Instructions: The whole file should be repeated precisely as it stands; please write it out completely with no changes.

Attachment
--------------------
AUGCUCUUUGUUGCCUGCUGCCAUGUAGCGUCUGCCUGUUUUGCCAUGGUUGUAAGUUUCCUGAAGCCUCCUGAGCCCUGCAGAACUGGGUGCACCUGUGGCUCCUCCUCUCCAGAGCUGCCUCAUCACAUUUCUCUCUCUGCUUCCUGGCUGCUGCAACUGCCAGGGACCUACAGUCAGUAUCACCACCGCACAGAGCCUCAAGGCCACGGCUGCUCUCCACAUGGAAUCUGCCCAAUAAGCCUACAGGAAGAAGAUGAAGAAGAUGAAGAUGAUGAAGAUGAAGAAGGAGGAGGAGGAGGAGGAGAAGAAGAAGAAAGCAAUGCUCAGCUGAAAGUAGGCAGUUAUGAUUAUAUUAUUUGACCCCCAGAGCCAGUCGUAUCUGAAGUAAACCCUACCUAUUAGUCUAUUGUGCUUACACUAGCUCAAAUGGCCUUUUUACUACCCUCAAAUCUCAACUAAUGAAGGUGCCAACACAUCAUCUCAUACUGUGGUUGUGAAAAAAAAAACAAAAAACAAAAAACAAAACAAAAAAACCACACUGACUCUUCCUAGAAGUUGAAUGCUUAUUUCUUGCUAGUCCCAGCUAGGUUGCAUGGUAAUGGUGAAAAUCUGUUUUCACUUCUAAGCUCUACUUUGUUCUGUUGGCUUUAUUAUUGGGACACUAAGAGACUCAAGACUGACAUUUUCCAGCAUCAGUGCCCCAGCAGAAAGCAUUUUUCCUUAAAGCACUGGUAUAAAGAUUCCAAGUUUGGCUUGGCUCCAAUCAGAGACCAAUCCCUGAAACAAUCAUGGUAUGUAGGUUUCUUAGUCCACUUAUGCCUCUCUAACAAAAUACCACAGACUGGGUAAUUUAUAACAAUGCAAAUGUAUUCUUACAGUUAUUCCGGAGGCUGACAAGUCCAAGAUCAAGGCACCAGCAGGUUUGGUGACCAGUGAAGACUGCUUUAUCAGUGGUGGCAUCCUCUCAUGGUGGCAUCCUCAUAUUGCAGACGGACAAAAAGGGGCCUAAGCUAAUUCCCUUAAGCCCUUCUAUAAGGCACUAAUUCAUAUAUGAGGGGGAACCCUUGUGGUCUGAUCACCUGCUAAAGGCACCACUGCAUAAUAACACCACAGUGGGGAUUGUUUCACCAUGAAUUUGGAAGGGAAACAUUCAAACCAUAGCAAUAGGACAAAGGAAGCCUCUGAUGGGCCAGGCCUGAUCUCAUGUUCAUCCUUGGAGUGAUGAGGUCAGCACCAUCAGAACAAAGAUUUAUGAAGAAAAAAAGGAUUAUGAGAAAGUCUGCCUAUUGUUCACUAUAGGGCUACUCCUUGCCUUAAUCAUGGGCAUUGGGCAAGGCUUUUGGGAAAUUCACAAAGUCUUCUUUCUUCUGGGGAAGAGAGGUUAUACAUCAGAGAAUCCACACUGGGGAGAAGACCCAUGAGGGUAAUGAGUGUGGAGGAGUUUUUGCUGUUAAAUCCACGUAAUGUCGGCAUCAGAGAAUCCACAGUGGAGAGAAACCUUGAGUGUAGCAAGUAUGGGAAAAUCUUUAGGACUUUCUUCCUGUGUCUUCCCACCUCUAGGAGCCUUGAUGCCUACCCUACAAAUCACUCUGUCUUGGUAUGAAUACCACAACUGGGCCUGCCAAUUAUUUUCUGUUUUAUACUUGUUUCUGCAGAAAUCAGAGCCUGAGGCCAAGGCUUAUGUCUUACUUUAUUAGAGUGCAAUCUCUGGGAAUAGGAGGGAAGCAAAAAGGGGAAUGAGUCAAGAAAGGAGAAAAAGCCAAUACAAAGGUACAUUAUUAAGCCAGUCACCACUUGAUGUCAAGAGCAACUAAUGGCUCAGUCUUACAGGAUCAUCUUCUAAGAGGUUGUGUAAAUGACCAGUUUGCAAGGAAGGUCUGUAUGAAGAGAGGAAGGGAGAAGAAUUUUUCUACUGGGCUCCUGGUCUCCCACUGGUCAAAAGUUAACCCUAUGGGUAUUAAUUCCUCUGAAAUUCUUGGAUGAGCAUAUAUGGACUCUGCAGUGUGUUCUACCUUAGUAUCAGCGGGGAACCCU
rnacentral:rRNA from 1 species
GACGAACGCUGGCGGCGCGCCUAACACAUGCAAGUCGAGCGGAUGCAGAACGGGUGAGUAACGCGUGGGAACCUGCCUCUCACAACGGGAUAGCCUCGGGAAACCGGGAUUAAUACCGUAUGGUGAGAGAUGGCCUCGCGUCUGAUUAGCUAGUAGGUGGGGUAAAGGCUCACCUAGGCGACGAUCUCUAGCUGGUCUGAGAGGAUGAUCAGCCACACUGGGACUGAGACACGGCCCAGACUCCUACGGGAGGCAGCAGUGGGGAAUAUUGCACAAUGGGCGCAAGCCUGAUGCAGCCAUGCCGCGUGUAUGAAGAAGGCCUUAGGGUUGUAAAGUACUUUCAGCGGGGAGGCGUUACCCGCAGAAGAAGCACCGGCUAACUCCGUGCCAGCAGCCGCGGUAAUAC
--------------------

AUGCUCUUUGUUGCCUGCUGCCAUGUAGCGUCUGCCUGUUUUGCCAUGGUUGUAAGUUUCCUGAAGCCUCCUGAGCCCUGCAGAACUGGGUGCACCUGUGGCUCCUCCUCUCCAGAGCUGCCUCAUCACAUUUCUCUCUCUGCUUCCUGGCUGCUGCAACUGCCAGGGACCUACAGUCAGUAUCACCACCGCACAGAGCCUCAAGGCCACGGCUGCUCUCCACAUGGAAUCUGCCCAAUAAGCCUACAGGAAGAAGAUGAAGAAGAUGAAGAUGAUGAAGAUGAAGAAGGAGGAGGAGGAGGAGGAGAAGAAGAAGAAAGCAAUGCUCAGCUGAAAGUAGGCAGUUAUGAUUAUAUUAUUUGACCCCCAGAGCCAGUCGUAUCUGAAGUAAACCCUACCUAUUAGUCUAUUGUGCUUACACUAGCUCAAAUGGCCUUUUUACUACCCUCAAAUCUCAACUAAUGAAGGUGCCAACACAUCAUCUCAUACUGUGGUUGUGAAAAAAAAAACAAAAAACAAAAAACAAAACAAAAAAACCACACUGACUCUUCCUAGAAGUUGAAUGCUUAUUUCUUGCUAGUCCCAGCUAGGUUGCAUGGUAAUGGUGAAAAUCUGUUUUCACUUCUAAGCUCUACUUUGUUCUGUUGGCUUUAUUAUUGGGACACUAAGAGACUCAAGACUGACAUUUUCCAGCAUCAGUGCCCCAGCAGAAAGCAUUUUUCCUUAAAGCACUGGUAUAAAGAUUCCAAGUUUGGCUUGGCUCCAAUCAGAGACCAAUCCCUGAAACAAUCAUGGUAUGUAGGUUUCUUAGUCCACUUAUGCCUCUCUAACAAAAUACCACAGACUGGGUAAUUUAUAACAAUGCAAAUGUAUUCUUACAGUUAUUCCGGAGGCUGACAAGUCCAAGAUCAAGGCACCAGCAGGUUUGGUGACCAGUGAAGACUGCUUUAUCAGUGGUGGCAUCCUCUCAUGGUGGCAUCCUCAUAUUGCAGACGGACAAAAAGGGGCCUAAGCUAAUUCCCUUAAGCCCUUCUAUAAGGCACUAAUUCAUAUAUGAGGGGGAACCCUUGUGGUCUGAUCACCUGCUAAAGGCACCACUGCAUAAUAACACCACAGUGGGGAUUGUUUCACCAUGAAUUUGGAAGGGAAACAUUCAAACCAUAGCAAUAGGACAAAGGAAGCCUCUGAUGGGCCAGGCCUGAUCUCAUGUUCAUCCUUGGAGUGAUGAGGUCAGCACCAUCAGAACAAAGAUUUAUGAAGAAAAAAAGGAUUAUGAGAAAGUCUGCCUAUUGUUCACUAUAGGGCUACUCCUUGCCUUAAUCAUGGGCAUUGGGCAAGGCUUUUGGGAAAUUCACAAAGUCUUCUUUCUUCUGGGGAAGAGAGGUUAUACAUCAGAGAAUCCACACUGGGGAGAAGACCCAUGAGGGUAAUGAGUGUGGAGGAGUUUUUGCUGUUAAAUCCACGUAAUGUCGGCAUCAGAGAAUCCACAGUGGAGAGAAACCUUGAGUGUAGCAAGUAUGGGAAAAUCUUUAGGACUUUCUUCCUGUGUCUUCCCACCUCUAGGAGCCUUGAUGCCUACCCUACAAAUCACUCUGUCUUGGUAUGAAUACCACAACUGGGCCUGCCAAUUAUUUUCUGUUUUAUACUUGUUUCUGCAGAAAUCAGAGCCUGAGGCCAAGGCUUAUGUCUUACUUUAUUAGAGUGCAAUCUCUGGGAAUAGGAGGGAAGCAAAAAGGGGAAUGAGUCAAGAAAGGAGAAAAAGCCAAUACAAAGGUACAUUAUUAAGCCAGUCACCACUUGAUGUCAAGAGCAACUAAUGGCUCAGUCUUACAGGAUCAUCUUCUAAGAGGUUGUGUAAAUGACCAGUUUGCAAGGAAGGUCUGUAUGAAGAGAGGAAGGGAGAAGAAUUUUUCUACUGGGCUCCUGGUCUCCCACUGGUCAAAAGUUAACCCUAUGGGUAUUAAUUCCUCUGAAAUUCUUGGAUGAGCAUAUAUGGACUCUGCAGUGUGUUCUACCUUAGUAUCAGCGGGGAACCCU
rnacentral:rRNA from 1 species
GACGAACGCUGGCGGCGCGCCUAACACAUGCAAGUCGAGCGGAUGCAGAACGGGUGAGUAACGCGUGGGAACCUGCCUCUCACAACGGGAUAGCCUCGGGAAACCGGGAUUAAUACCGUAUGGUGAGAGAUGGCCUCGCGUCUGAUUAGCUAGUAGGUGGGGUAAAGGCUCACCUAGGCGACGAUCUCUAGCUGGUCUGAGAGGAUGAUCAGCCACACUGGGACUGAGACACGGCCCAGACUCCUACGGGAGGCAGCAGUGGGGAAUAUUGCACAAUGGGCGCAAGCCUGAUGCAGCCAUGCCGCGUGUAUGAAGAAGGCCUUAGGGUUGUAAAGUACUUUCAGCGGGGAGGCGUUACCCGCAGAAGAAGCACCGGCUAACUCCGUGCCAGCAGCCGCGGUAAUAC